The following piece was written by Robert Whitaker, author of several books including Mad in America and Anatomy of an Epidemic. The original article can be found here.
Earlier this year, Ronald Pies and Allen Frances wrote a series of blogs that collectively might be titled: “Why Robert Whitaker Is Wrong about Antipsychotics.” In regard to reviewing the “evidence” on that question, Pies did most of the heavy lifting, but he also told of drawing on the expertise of E. Fuller Torrey, Joseph Pierre and Bernard Carroll. Given the prominence of this group, it could be fairly said that Pies’ review reflects, to a large degree, the collective “thoughts” of American psychiatry.
And with that understanding in mind, therein lies an opportunity, one not to be missed.
Over the past 35 years, psychiatry—as an institution—has remade our society. This is the medical specialty that defines what is normal and not normal. This is the medical specialty that tells us when we should take medications that will affect how we respond to the world. And this is the profession that determines whether such medications are good for our children. Given that influence, we as a society naturally have reason to want to know how the leaders in the profession think, and thus how they come to their conclusions about the merits of their drugs. The blogs by Pies and Frances provide us with just that opportunity. We can watch their minds at work and ask ourselves, do we see on display the type of thinking—the openness of mind, the critical thinking, the curiosity, the humility of character, and the devotion to public wellbeing—that we want to see in a medical specialty that has such influence over our lives?
There are two aspects to their review of the “evidence” for antipsychotics. The first is their dismissal of the case against antipsychotics (e.g., that they worsen long-term outcomes in the aggregate), and the second is their making a case that the drugs provide a long-term benefit. In each instance, there are specific studies to be reviewed, and, as a result, a warning to readers is in order: this is going to take some time to do.
The Case Against Antipsychotics
As I first detailed in Anatomy of An Epidemic and have expanded on since (including in a January blog), I believe there is a history of science, stretching across 50 years and composed of many types of studies, that tells of how antipsychotics, in the aggregate, worsen long-term outcomes for schizophrenia patients and those with other psychotic disorders. The case against antipsychotics doesn’t consist of just a few studies, but rather arises from that history of research, and what I find so compelling is how the various kinds of evidence fit together, and how they do so over time. This is not the place to go over that history once again, but if readers are interested, they can see a summary in my January blog, and a review of many of the studies here.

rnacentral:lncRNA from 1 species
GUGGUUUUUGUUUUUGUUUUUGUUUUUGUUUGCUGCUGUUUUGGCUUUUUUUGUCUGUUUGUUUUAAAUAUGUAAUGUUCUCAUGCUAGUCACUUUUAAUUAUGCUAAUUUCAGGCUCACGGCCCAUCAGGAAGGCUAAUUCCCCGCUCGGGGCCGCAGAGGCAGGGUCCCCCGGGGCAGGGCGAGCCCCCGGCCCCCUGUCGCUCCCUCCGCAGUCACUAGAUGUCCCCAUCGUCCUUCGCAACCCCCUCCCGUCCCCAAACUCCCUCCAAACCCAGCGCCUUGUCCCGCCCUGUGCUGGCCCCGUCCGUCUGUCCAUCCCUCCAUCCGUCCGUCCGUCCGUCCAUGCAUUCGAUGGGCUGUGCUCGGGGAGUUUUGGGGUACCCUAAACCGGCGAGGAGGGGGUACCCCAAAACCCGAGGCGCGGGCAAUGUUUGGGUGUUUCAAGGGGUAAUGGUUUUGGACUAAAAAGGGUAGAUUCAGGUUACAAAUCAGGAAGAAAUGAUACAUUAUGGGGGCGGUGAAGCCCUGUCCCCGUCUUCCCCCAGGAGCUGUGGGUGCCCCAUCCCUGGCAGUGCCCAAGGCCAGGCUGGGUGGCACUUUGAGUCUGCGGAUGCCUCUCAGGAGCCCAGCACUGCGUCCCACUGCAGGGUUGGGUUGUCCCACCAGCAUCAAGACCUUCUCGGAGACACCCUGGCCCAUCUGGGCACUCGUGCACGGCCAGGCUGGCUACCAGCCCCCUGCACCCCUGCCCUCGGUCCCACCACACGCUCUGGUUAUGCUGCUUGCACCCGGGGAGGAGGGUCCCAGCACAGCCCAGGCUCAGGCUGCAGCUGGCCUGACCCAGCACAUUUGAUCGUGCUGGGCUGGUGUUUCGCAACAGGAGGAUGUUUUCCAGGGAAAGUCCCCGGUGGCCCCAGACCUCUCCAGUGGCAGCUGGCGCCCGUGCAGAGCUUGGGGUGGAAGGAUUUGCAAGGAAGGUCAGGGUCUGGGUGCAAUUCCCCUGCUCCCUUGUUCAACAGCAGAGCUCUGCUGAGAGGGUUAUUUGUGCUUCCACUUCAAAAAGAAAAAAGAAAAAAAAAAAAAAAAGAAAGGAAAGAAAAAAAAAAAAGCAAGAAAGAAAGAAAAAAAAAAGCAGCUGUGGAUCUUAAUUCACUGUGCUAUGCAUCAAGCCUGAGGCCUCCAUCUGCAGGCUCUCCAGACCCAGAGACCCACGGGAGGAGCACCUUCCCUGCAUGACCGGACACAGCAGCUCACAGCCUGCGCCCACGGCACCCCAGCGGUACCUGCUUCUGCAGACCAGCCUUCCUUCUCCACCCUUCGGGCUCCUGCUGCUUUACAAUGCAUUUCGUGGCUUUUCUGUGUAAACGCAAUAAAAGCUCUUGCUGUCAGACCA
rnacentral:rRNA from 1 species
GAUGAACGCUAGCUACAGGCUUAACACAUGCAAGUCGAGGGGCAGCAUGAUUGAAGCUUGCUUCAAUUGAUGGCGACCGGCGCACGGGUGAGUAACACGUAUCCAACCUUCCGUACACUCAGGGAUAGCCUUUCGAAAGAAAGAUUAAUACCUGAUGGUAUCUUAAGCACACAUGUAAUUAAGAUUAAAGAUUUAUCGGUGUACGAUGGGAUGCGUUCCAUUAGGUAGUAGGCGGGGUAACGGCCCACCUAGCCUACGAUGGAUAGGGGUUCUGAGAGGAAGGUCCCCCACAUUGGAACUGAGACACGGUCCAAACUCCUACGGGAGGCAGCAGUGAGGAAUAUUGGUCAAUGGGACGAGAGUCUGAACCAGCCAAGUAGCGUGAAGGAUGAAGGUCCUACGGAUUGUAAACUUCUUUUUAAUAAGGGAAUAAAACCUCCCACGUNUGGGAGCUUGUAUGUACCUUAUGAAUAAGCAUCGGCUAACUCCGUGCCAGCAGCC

It’s not important, for the purposes of this blog, to come to any pro-or-con conclusion about whether antipsychotics worsen long-term outcomes. What is important is to see how Pies and his colleagues responded to that argument and evaluated it.
Neither Pies nor Frances addressed the larger history I wrote about. Instead, they focused on the recent literature that is part of this “case against antipsychotics“—research by Martin Harrow and Lex Wunderink, and MRI studies that have found that antipsychotics shrink the brain. They also addressed the question of whether antipsychotics induce a dopamine supersensitivity that could increase one’s biological vulnerability to psychosis, which is something I have written about.
Harrow’s Longitudinal Study
In any area of medicine, it is essential to research the “natural” course of an illness. Prognosis is dependent upon that knowledge, and this knowledge also provides the framework for assessing whether a treatment is improving long-term outcomes. Such research is exhausting, difficult, and expensive, which is why the long-term study of schizophrenia and other psychotic disorders by Martin Harrow is so important. It provided information that had been missing from psychiatry’s “evidence base” for so long.
Harrow’s was a prospective study, which means he followed the 200 subjects from early on in their “illness,” mostly at the start of their having been diagnosed with schizophrenia or another psychotic disorder. Their median age was 22 years and nine months, and most were suffering either a first or second hospitalization. At the end of 15 years, he still had 145 of the 200 in his study, which—as any schizophrenia researcher can attest—is an extraordinary result on its own. Harrow had gone to extraordinary lengths to keep track of the subjects enrolled into his study, which made his findings that more robust.